I actually walk by two of the galleries mentioned in the Times piece. The first is a long stretch of storefronts with a ton of space, and lots of interesting sculpture and paintings inside. Right next door is an Applebee’s* which just increases the artistic tension, as far as I’m concerned. The Kenny Scharf mural (photo in the Times) is there, and a weird industrial chunky sculpture that’s all wood and oil drums and pipes and water. There’s also the melting waffle from the plaza near my work! I was so glad to see it — it disappeared from the plaza a few weeks ago and I’ve missed it.
* I’ll never get used to this Applebee’s being there. It’s so incongruous.
The second set of gallery spaces is smaller but also pretty cool. There are a couple of pieces with an anti-consumerist bent, which I totally groove on. It’s also nice that the old store signs were left above each storefront; the 1 Hr Photo, Check Cashing and Taco Rico signs really add to the effect. One of my favorite pieces has a table with two chairs and a huge jello mold on it. It’s the spiritual sibling of the enormous melting waffle. Go weird big food art, go!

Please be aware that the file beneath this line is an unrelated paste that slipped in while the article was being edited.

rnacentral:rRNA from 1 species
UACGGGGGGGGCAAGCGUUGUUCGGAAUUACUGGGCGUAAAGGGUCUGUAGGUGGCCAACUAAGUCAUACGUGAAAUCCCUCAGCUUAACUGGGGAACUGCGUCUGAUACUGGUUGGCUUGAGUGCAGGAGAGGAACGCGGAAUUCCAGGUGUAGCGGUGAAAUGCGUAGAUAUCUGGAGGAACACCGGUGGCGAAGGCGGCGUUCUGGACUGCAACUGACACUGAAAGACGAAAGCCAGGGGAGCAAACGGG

maura @ 9:43 pm
It’s been a crazy kid week in the mauraweb! household. Gus learned to make farting noises in his armpit (thank you, private school day camp!), and has of course been showcasing this newfound talent at every opportunity. Tonight I had to act like a parent and bust out with “no farting noises at the dinner table!” On the other hand, he’s really quite good, so I can’t help but feel a *little* proud.